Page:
All the Finest Girls cleverly intertwines two worlds through the eyes of Adelaide Abraham by alternating chapters of her early years growing up with a wealthy family in New England, then as an adult when she travels to the fictional Caribbean island of St. Clair for her nanny’s funeral. We watch Addy grow up through these flashbacks, understanding that while she might have been raised in a privileged home with famous parents, their relationship is destructive and leads to her dysfunction and even mental illness. The one bright spot in Addy’s early years is her nanny, Louise, who she calls her second black mother. When Addy is with ‘Lou’, she can truly be herself, discovering that many of the problems she experiences when she’s around her parents seem to fade away.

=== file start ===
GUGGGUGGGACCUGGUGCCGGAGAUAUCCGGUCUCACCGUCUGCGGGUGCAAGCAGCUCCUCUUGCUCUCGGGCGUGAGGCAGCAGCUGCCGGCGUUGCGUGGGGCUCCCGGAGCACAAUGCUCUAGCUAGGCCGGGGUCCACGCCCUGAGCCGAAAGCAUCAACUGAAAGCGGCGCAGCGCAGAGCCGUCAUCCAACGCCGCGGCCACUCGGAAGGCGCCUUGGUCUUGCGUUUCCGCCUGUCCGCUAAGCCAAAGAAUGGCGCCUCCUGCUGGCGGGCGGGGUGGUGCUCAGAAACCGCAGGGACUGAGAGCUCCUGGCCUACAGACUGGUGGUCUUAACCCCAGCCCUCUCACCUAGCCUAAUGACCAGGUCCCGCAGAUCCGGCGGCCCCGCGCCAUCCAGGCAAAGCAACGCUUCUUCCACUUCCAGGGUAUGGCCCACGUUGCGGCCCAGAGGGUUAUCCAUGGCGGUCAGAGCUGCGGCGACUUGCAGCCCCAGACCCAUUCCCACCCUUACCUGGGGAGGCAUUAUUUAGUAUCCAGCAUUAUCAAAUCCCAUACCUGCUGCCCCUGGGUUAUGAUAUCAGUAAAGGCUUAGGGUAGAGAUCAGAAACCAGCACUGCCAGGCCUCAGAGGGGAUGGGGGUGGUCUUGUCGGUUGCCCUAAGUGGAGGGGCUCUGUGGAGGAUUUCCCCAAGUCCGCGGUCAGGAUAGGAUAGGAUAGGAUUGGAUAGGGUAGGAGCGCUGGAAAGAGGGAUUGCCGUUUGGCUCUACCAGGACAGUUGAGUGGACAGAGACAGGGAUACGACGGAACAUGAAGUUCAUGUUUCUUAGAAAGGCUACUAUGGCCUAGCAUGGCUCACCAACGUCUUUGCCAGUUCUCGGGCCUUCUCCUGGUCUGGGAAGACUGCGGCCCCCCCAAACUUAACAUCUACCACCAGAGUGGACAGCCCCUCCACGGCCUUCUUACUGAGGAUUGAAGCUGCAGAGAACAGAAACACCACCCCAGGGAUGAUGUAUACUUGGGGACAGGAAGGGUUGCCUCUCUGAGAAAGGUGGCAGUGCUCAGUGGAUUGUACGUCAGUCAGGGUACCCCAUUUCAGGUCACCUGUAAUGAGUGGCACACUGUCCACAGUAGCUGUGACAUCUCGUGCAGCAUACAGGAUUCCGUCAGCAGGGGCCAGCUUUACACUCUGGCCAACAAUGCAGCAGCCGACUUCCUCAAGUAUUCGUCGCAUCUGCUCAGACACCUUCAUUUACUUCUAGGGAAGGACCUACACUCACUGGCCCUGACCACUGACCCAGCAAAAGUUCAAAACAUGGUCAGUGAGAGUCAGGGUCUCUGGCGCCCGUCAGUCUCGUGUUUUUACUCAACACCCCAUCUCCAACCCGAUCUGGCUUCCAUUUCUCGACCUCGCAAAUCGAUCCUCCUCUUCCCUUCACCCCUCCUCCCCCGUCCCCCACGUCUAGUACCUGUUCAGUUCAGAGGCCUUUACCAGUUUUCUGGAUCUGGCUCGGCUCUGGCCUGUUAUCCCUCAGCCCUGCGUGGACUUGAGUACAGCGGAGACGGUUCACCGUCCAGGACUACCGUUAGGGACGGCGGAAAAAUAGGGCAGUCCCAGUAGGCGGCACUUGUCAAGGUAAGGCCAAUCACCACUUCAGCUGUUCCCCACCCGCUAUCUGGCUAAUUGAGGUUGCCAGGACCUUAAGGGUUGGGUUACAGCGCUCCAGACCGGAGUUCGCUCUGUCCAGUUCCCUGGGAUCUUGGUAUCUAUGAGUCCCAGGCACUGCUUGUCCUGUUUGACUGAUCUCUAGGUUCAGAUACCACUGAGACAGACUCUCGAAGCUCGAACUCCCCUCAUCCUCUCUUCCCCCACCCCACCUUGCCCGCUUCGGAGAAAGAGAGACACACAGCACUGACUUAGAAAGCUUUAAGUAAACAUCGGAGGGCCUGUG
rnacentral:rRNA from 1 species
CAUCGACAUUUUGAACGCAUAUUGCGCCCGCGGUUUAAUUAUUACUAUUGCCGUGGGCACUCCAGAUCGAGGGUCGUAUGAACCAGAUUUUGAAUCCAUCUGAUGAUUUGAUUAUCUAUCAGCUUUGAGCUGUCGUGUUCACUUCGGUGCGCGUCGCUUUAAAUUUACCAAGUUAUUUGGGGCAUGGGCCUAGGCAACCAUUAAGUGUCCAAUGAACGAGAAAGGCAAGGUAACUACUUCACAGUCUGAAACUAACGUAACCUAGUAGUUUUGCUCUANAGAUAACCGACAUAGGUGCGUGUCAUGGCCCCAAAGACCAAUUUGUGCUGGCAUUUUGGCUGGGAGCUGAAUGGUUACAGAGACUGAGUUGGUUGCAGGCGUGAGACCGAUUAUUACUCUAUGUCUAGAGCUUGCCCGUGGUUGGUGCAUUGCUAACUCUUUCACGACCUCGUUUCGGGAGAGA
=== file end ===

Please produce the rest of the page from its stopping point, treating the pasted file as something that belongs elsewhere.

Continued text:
In the present, Addy arrives on the beautiful island of St. Clair where she meets Louise’s two adult children, Derek and Phillip, who don’t seem too keen on having her here for the funeral. Like a fish out of water, Addy does her best to blend in and act as though she belongs, yet can’t help sticking out and causing unintentional trouble. Growing up, Addy had always thought of herself as part of this family due to the connection she shared with Louise, but as she gets to actually know this second family she learns that good intentions aren’t always enough. Addy realizes that while she got to have Louise as a second mother, it meant that Lou wasn’t there for her actual children back at her true home. At one point Derek challenges Addy’s love of his mother, accusing her of thinking deep down that she was better than Louise due to her wealth and race. Addy refuses to believe it as she truly cared for Lou, but starts to wonder if the relationship that she had as a child was really as she had imagined.